Pearson airport to lease land, reduce fees
Toronto's Pearson International Airport wants to lease prime land to developers so it can reduce its landing fees, which are among the highest in the world.
The Greater Toronto Airports Authority is expected to announce Tuesday that a six-hectare site across from Terminal 3 is available for an estimated $300 million development, the Toronto Star reports.
The site, which is now a parking lot, could hold a 400-room hotel, conference centre, retail stores and two office buildings, the Star reports.
"We think it's pretty exciting that we have the opportunity to build a commercial development there," Howard Bohan, the GTAA's director of properties and concessions, told the newspaper.
Bohan said the project is a first for a Canadian airport authority. The plan is to maximum revenue.
"We are taking a look at all the lands that we have to see how we can put them to use to drive additional revenue," Bohan said.
The GTAA, which manages 1,820 hectares of airport lands and 733,000 square feet of space at Pearson, would not say how much landing fees could be reduced if land is leased out.
"There's no doubt we're an expensive airport," Bohan said. "But it's hard to say how much fees can be reduced. It would really depend on the proposals that we get."
Airlines are charged fees to use the airport, which are then passed on to consumers.
Pearson charges US$10,986 for a Boeing 747-400 to land, while New York's LaGuardia charges 5,031, the Star reports.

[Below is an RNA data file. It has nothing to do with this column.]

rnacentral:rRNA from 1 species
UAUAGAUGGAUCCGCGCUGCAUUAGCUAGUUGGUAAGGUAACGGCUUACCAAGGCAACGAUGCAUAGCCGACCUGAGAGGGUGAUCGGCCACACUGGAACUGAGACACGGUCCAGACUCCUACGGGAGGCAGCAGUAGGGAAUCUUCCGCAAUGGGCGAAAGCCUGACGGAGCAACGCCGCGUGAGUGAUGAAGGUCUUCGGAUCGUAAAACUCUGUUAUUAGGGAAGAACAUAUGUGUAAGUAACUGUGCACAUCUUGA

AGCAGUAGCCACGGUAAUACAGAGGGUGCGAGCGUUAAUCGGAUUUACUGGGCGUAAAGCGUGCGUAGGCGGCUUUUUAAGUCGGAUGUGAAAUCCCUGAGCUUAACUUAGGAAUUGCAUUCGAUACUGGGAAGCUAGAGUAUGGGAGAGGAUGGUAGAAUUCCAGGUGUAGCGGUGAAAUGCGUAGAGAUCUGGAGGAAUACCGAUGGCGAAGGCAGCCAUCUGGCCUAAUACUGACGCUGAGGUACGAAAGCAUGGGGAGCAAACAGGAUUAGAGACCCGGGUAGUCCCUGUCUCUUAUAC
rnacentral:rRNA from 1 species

The GTAA raised its airport improvement fee from $15 to $20 per passenger at the beginning of the year to pay for its $4.4 billion redevelopment program.
The GTAA's board also approved a 1.45 per cent increase in landing fees for this year, the Star reports.
The fees cover airport improvements, which the GTAA has argued were needed to make Toronto competitive internationally.
Air Canada, a frequent critic of the GTAA, has called the airport improvement fee increase "completely unreasonable."
Other airlines said they have cut landings at Pearson because of expensive fees, the Star reports.
The land in question would be leased on a long-term basis likely starting at 50 years with an option to renew, said Sheila Botting, senior managing director for Cushman & Wakefield Lepage Inc.
"There is currently a shortage of land in the area, so we think this will be well received by developers," Botting told the Star.